Singing sounds from beneath

Part of my research has been a tour of Kent’s closed coal-mines. There are several, some of which are accessible, with very few original buildings standing. Some of the sites are dangerous, whereas others are relatively hazard-free. Their histories, entangled with dangerous working conditions and violence following the conservative government’s decision to close them, have left deep marks in British culture, but also, these closed mines are scars in the landscape. Unable to locate them on regular maps, I researched satellite images of East Kent, which show up barren pockets surrounded by lush vegetation. These ‘blank areas’ are the mines. Desolate and barren, they resemble lunar landscapes. Upon visiting them, signs of nature’s reclaim were visible with new vegetation. Deprived of big trees to absorb rainwater and break the wind however, these sunken sites quickly transform into hostile wind-swept flooded basins.

My fascination with these other-worldly sites goes beyond their surface however. I walked around the enormous Tilmanstone colliery. Its muteness and sterility lead me to think about what lies underground. Once operational, this mine was populated with machines, workers and the sounds of their activities – it had rich soundscapes associated with industrialisation and labour. What happened to the sounds of all that subterranean activity? How do they exist in the memories of miners? What if the mine were to operate once more just for a few minutes, as a resistance to the logic of capitalist profit and production, against the law, disregarding the need for safety, giving up everything else?

In response, I worked with Snowdown Colliery Choir to reanimate the coalmine by singing all those subterranean sounds: stem and charge exploding the earth, shovels scratching the gravel, drills piercing the coal-face, snakers and chockers pushing the conveyer, monorails grinding the tracks, water-sprays squirting water. The composition also quotes a hummed version of the Miner's Lament sung by miners during their strikes. When filming the choir there was also a realisation that their grouping together resembles their iconic picket lines.

Looking above, hearing the invisible

This work is also a collaboration with visual artist Uriel Orlow. I have created sound works for numerous video works by Uriel, and decided to invite him to work with me. We have collaborated to create a video piece which grows out of sound. We videoed last week and are currently editing a work which includes Snowdown Colliery Choir singing sounds from underground standing on top of the closed mine of Tilmanstone.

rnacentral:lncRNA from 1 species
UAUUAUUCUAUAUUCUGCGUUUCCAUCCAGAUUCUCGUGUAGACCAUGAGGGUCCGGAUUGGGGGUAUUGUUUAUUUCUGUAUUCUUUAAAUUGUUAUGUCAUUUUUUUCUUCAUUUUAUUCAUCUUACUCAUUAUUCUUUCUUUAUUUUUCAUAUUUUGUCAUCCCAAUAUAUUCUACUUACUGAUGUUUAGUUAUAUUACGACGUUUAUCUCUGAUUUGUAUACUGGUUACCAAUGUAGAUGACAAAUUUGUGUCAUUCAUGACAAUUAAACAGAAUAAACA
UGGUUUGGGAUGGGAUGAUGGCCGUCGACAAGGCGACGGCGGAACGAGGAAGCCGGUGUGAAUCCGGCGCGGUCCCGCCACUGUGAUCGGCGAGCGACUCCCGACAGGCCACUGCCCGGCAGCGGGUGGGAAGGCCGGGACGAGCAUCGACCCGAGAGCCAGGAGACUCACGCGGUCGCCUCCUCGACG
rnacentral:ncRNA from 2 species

Wednesday, 28 April 2010

Acts of Memory

Anniversary — an act of memory

solo, collective and multi-lingual recitations, from memory, of the Universal Declaration of Human Rights

Monica Ross and Co-Recitors

In response to the shooting of Jean Charles de Menezes by Police in London on 22 July 2005, the artist Monica Ross decided to try and learn the Universal Declaration of Human Rights by heart and attempted to publicly recite the Declaration, from memory, in the performance rightsrepeated — an act of memory at Beaconsfield, London in November 2005.

The Anniversary — an act of memory series of recitations began with a solo recitation by Ross, marking the 6oth anniversary of the Declaration, during the British Library exhibition Taking Liberties: The Struggle for Britains Freedom and Rights on 7th December 2008. The intention of the Anniversary — an act of memory series is to carry out 60 solo, collective and multi- lingual recitations of the Declaration, from memory, with individuals and communities in tandem with cultural and social events and in alliance with organisations, campaigns and anniversaries whose intentions and significance resonate with those of the Declaration.

To date, 22 solo, collective and multi-lingual recitations have been produced in collaboration with individuals, independent groups, cultural and educational organisations. 173 co-recitors of all ages have memorised and recited one or more of the 30 Articles in 26 languages, including: Arabic, Armenian, British Sign Language, Catalan, English, Finnish, French, Galician, German, Hindi, Japanese, Korean, Irish, Italian, Macedonian, Polish, Portuguese, Punjabi, Russian, Serbian, Spanish, Swahili, Swedish, Tagalog, Turkish and Welsh.